Airlines Face Tougher Cybersecurity Requirements
New, tougher rules on cybersecurity for e-enabled aircraft are hitting airlines across the world, and carriers such as Southwest Airlines are now facing “a tremendous task, but one that we take seriously,” according to a spokesperson for the airline.
The challenges of maintaining cybersecurity constantly increase as the digital revolution continues its forward momentum. The average enterprise-size corporation now uses almost 80 cybersecurity products, according to Infosecurity Magazine. Airlines must be especially concerned with cyber protection because lives as well as money are at stake. Government agency Eurocontrol reported a 61% increase in cyberattacks against airlines in 2020.
The new e-enabled aircraft have much more digital power. Legacy aircraft used an architecture for data flowing over wires, which only allowed transmitters to send data to receivers rather than the other way around. New generation aircraft, such as the Boeing 737 MAX, 787 and Airbus A350, use an Ethernet data network for safety-critical applications that allows devices to communicate with each other.
The new technology removes wires, reduces weight and increases capabilities—but it also opens up cyber vulnerabilities. This matters because many cockpit modifications today are basically software updates, not hardware swaps.
In the U.S., airlines flying new Boeing aircraft are governed by several regulatory guides, including the FAA’s Advisory Circular 119; Boeing’s Aircraft Network Security Operator Guidance (ANSOG), which was revised in 2021; and, by reference, RTCA DO-355A, Information Security Guidance for Continued Airworthiness, issued in 2020.
The upshot of all this is that carriers must now meet much tougher cybersecurity requirements and have a limited time in which to do so, according to John Schramm, a former Delta Air Lines pilot and electrical engineer who is now a managing partner with the consultancy Seatec.
Schramm compares the breadth and difficulty of the new rules to a safety management system. They touch all aspects of airline operations: software and components, network access points, ground support equipment and its information systems, digital certificates, log file analytics, security incident management, an organizational risk assessment, personnel roles, responsibilities and training.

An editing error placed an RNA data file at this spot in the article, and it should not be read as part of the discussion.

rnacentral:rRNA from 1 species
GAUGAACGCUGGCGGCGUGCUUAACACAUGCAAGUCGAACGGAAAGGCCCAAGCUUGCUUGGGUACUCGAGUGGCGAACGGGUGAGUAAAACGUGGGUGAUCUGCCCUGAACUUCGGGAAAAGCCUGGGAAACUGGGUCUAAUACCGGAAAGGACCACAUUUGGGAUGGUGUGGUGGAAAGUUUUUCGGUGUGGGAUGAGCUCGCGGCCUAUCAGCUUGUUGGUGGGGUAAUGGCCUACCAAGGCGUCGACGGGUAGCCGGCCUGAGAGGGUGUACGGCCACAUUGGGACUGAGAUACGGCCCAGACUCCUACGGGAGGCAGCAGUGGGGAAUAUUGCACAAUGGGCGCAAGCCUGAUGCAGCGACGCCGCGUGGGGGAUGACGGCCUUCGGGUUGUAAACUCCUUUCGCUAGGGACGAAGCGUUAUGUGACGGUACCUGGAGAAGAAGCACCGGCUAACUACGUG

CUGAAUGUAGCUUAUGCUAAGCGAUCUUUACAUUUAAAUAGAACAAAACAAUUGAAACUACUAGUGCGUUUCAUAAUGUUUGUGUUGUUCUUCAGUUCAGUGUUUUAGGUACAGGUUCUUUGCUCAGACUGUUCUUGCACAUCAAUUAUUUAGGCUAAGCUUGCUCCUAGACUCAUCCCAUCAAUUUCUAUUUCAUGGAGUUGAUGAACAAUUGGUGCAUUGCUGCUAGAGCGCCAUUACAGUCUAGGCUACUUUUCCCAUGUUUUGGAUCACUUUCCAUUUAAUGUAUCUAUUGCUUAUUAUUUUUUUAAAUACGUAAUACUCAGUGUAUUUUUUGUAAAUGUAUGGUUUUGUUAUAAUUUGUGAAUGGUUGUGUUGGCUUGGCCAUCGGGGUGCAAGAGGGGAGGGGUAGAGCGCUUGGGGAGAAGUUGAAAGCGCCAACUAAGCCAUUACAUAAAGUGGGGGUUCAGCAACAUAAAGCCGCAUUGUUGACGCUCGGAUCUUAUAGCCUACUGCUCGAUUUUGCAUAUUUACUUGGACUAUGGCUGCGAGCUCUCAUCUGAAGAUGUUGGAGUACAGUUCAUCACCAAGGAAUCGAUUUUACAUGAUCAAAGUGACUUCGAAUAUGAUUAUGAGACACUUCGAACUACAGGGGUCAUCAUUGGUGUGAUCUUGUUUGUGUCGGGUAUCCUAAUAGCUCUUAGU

One especially tough new requirement is conducting the organizational risk assessment (ORA). There are two kinds of ORAs, one done under the National Institute of Standards 800-30 guide and another done under ARINC 811. Schramm says the FAA prefers the former approach.
In either case, Schramm says an ORA is hard for an airline to perform because it involves so many departments—most prominently maintenance and IT—that do not usually collaborate with one another.
Another tough new requirement is digital signing for new parts or software. “This requires the tech ops group to implement an entire public key infrastructure, which is again a big lift and not in their typical skill sets,” Schramm notes.
The FAA is giving carriers about three years each to meet the new requirements, with an emphasis on getting that ORA done sooner rather than later, says Schramm.
With its huge MAX fleet coming online, Southwest Airlines is now in the process of meeting the new requirements. Noting that the new requirements were contained in a late-2021 revision of Boeing’s ANSOG, a Southwest spokesperson says the carrier is working toward complying with these new requirements by an estimated completion date of January 2025. It is working with Airlines for America and other industry partners to address technical issues raised by compliance.
The spokesperson emphasizes that Southwest is already in complete compliance with the old cybersecurity requirements, which had been set by a Boeing ANSOG revision in 2019.
Other carriers contacted declined to state the status of their compliance, and the FAA also refused to summarize how carriers are doing. Schramm thinks several airlines may be waiting too long to get started on their ORAs.
The European Union Aviation Safety Agency (EASA) has been in some ways more aggressive on cybersecurity than the FAA, according to Chase Richardson, cybersecurity and data privacy lead principal at consultancy Bridewell. For example, the European regulator insists that cybersecurity standards be set at the outset of certifying a new aircraft, while the FAA waits until the middle of the certification process to negotiate these standards with the OEM.
EASA calls its cybersecurity requirements for operators an information security management system, not an aircraft network security program like the FAA, but the rules are similar.
Organizational risks are dealt with under Part-IS, which was published in February 2023. An EASA spokesperson says Part-IS will be mandatory by February 2026 and “airlines are encouraged to anticipate compliance with such requirements.”
Beyond the aviation regulators, more cyber requirements are coming. Richardson points out that the U.S. Transportation Security Administration issued new rules on cybersecurity for airports and aircraft operators in March, including rules on data transmission between airports and airlines. Hopefully, airline risks here are already being addressed under the cyber rules being set by the FAA and EASA.